Sounds pretty sweet right… a supplement that will grow a booty yet get your waist tiny all at the same time. WOW! Well, it is a real thing and it does exist. But, this is not a supplement in a pill or powder form. This is a supplement to your program. An act. A ritual you should do post workout. What is it you ask? Well, I will tell you. One word: sauna
The sauna is usually used for relaxation purposes or to sweat toxins out of the system but, it is a great tool to help increase growth hormone for muscular hypertrophy, recovery and increased endurance. In other words: enhance your performance (ie- beast mode workouts and life for that matter) and build muscle (ie- booty gainz!)
Bottom line… hang out in the sauna after you workout at least a few times per week. You may find you can only handle the heat for short periods of time, like 5 minutes. That is okay. If you chill (i mean, boil) in the sauna regularly, you will build up your tolerance over time to be able to sit in the sauna longer.
Disclaimer: be smart and safe. Stay hydrated and listen to your body!
Saunas enhance muscular endurance:
- Increases nutrients shuttled to the muscles reducing the depletion of glycogen stores.
- A study by Scoon et al.3 showed that sauna use increased endurance in distance runners by 32%.
Sauna use increases muscle growth and aids in fat loss:
- Sauna use causes a large spike in growth hormone. (great when done post workout to aid in fat loss and muscle growth!) Studies even show that if you increase suana time and temperature, growth hormone increases as well1,6,7.8
- ….again, heat is not joke so be safe.
- Gettin hot regularly helps to improve insulin sensitivity.12 This means you will release insulin to process carbs in the blood stream efficiently which is great for muscle growth as insulin is one of the most anabolic, or muscle building hormones. Insulin helps to drive carbs or glucose, from the blood stream into the muscle for storage as glycogen. Glycogen is also stored in the liver.
So grab some friends and your sage and get your sauna on!
yeah… okay^^^^ kinda weird.
So grab some cheesy friends and get your sauna on!
1. Hannuksela, M.L., and Ellahham, S. (2001). Benefits and risks of sauna bathing. Am J Med 110, 118-126.
2. Pagel, H., Jelkmann, W., and Weiss, C. (1988). A comparison of the effects of renal artery constriction and anemia on the production of erythropoietin. Pflugers Arch 413, 62-66.
3. Scoon, G.S., Hopkins, W.G., Mayhew, S., and Cotter, J.D. (2007). Effect of post-exercise sauna bathing on the endurance performance of competitive male runners. J Sci Med Sport 10, 259-262.
4. Schiaffino, S., and Mammucari, C. (2011). Regulation of skeletal muscle growth by the IGF1-Akt/PKB pathway: insights from genetic models. Skelet Muscle 1, 4.
5. Sengupta, K., Long, K.J., and Allen, D.O. (1981). Growth hormone stimulation of lipolysis and cyclic AMP levels in perifused fat cells. J Pharmacol Exp Ther 217, 15-19.
6. Kukkonen-Harjula, K., Oja, P., Laustiola, K., Vuori, I., Jolkkonen, J., Siitonen, S., and Vapaatalo, H. (1989). Haemodynamic and hormonal responses to heat exposure in a Finnish sauna bath. Eur J Appl Physiol Occup Physiol 58, 543-550.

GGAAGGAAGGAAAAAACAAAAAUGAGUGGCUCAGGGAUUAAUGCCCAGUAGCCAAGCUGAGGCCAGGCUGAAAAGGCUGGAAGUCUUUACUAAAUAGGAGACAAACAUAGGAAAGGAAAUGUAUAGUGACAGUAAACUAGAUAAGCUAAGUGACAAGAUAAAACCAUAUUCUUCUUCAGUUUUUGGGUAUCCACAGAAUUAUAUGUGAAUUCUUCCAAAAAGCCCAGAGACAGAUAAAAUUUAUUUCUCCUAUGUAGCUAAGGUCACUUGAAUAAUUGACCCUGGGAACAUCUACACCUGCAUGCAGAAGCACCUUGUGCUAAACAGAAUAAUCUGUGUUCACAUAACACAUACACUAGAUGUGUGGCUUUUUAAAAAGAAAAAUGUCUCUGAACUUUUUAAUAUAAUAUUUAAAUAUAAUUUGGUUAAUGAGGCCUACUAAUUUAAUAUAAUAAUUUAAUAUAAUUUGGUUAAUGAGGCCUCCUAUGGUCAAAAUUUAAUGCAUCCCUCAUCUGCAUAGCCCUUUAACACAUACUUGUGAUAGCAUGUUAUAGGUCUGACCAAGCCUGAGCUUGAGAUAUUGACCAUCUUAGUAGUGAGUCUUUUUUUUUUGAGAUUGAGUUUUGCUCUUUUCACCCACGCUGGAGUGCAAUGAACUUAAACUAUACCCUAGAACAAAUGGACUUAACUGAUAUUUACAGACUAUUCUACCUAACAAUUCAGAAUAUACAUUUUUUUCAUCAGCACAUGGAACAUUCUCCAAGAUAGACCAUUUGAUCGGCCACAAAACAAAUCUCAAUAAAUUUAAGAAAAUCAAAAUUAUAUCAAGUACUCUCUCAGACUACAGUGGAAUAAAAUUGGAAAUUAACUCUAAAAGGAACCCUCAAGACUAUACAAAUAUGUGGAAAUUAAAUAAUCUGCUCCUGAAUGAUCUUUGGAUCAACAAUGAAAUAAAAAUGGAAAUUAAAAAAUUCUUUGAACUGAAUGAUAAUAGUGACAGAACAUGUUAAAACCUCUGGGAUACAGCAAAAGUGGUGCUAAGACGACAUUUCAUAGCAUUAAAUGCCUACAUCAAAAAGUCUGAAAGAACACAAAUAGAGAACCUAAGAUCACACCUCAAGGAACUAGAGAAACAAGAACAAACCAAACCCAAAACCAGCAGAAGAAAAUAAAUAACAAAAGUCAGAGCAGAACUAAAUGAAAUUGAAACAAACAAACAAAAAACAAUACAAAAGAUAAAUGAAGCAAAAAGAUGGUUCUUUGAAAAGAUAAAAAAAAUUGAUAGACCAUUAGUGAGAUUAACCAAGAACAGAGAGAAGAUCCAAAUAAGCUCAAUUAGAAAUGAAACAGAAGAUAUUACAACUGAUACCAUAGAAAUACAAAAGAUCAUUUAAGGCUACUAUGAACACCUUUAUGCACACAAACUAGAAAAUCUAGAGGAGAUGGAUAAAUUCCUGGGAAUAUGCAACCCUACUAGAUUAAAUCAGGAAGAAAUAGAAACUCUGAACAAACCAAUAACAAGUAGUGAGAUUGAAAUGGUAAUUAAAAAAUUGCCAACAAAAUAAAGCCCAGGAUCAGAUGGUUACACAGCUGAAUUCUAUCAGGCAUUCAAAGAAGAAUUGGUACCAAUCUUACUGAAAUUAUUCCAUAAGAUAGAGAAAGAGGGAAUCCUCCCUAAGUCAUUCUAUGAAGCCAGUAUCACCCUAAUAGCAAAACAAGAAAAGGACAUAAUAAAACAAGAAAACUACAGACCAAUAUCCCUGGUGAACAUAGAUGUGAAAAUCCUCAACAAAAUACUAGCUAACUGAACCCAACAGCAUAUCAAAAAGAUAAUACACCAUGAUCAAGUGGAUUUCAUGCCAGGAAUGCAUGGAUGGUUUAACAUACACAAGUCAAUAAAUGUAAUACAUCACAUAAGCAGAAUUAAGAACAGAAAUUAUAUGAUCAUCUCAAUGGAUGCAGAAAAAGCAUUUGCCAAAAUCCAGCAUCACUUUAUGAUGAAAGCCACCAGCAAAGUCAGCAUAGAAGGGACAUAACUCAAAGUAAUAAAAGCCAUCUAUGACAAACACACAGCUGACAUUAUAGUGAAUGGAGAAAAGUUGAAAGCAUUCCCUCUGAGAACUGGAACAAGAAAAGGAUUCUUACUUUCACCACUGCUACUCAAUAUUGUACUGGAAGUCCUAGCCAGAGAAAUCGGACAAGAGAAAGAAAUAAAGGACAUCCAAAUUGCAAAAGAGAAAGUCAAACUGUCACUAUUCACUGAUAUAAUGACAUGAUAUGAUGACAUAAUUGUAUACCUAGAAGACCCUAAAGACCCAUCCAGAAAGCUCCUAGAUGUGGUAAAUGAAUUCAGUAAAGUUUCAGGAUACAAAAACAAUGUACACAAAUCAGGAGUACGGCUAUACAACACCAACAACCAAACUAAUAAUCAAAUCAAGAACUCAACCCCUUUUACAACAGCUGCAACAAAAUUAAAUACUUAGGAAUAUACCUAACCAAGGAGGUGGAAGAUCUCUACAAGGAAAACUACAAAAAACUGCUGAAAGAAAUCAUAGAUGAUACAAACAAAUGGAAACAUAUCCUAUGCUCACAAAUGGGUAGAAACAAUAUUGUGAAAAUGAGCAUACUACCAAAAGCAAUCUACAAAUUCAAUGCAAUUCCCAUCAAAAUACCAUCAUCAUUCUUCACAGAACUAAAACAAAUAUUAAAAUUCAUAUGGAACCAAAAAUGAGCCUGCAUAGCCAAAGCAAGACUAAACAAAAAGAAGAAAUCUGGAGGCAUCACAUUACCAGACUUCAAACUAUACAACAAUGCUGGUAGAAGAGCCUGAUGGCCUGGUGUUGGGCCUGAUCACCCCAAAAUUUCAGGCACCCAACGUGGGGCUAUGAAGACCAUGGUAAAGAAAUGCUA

7. Leppaluoto, J., Huttunen, P., Hirvonen, J., Vaananen, A., Tuominen, M., and Vuori, J. (1986). Endocrine effects of repeated sauna bathing. Acta Physiol Scand 128, 467-470.
8. Ftaiti, F., Jemni, M., Kacem, A., Zaouali, M.A., Tabka, Z., Zbidi, A., and Grelot, L. (2008). Effect of hyperthermia and physical activity on circulating growth hormone. Appl Physiol Nutr Metab 33, 880-887.
9. Hillier, T.A., Fryburg, D.A., Jahn, L.A., and Barrett, E.J. (1998). Extreme hyperinsulinemia unmasks insulin’s effect to stimulate protein synthesis in the human forearm. Am J Physiol 274, E1067-1074.
10. Guillet, C., Prod’homme, M., Balage, M., Gachon, P., Giraudet, C., Morin, L., Grizard, J., and Boirie, Y. (2004). Impaired anabolic response of muscle protein synthesis is associated with S6K1 dysregulation in elderly humans. Faseb J 18, 1586-1587.
11. Biolo, G., Declan Fleming, R.Y., and Wolfe, R.R. (1995). Physiologic hyperinsulinemia stimulates protein synthesis and enhances transport of selected amino acids in human skeletal muscle. J Clin Invest 95, 811-819.
12. Kokura, S., Adachi, S., Manabe, E., Mizushima, K., Hattori, T., Okuda, T., Nakabe, N., Handa, O., Takagi, T., Naito, Y., Yoshida, N., and Yoshikawa, T. (2007). Whole body hyperthermia improves obesity-induced insulin resistance in diabetic mice. Int J Hyperthermia 23, 259-265.
13. Porkert, M., Sher, S., Reddy, U., Cheema, F., Niessner, C., Kolm, P., Jones, D.P., Hooper, C., Taylor, W.R., Harrison, D., and Quyyumi, A.A. (2008). Tetrahydrobiopterin: a novel antihypertensive therapy. J Hum Hypertens 22, 401-407.
14. Antoniades, C., Shirodaria, C., Crabtree, M., Rinze, R., Alp, N., Cunnington, C., Diesch, J., Tousoulis, D., Stefanadis, C., Leeson, P., Ratnatunga, C., Pillai, R., and Channon, K.M. (2007). Altered plasma versus vascular biopterins in human atherosclerosis reveal relationships between endothelial nitric oxide synthase coupling, endothelial function, and inflammation. Circulation 116, 2851-2859.
15. Yamamoto, E., Kataoka, K., Shintaku, H., Yamashita, T., Tokutomi, Y., Dong, Y.F., Matsuba, S., Ichijo, H., Ogawa, H., and Kim-Mitsuyama, S. (2007). Novel mechanism and role of angiotensin II induced vascular endothelial injury in hypertensive diastolic heart failure. Arterioscler Thromb Vasc Biol 27, 2569-2575.
16. Pall, M.L. (2009). Do sauna therapy and exercise act by raising the availability of tetrahydrobiopterin? Med Hypotheses 73, 610-613.
What are your thoughts? Comment below.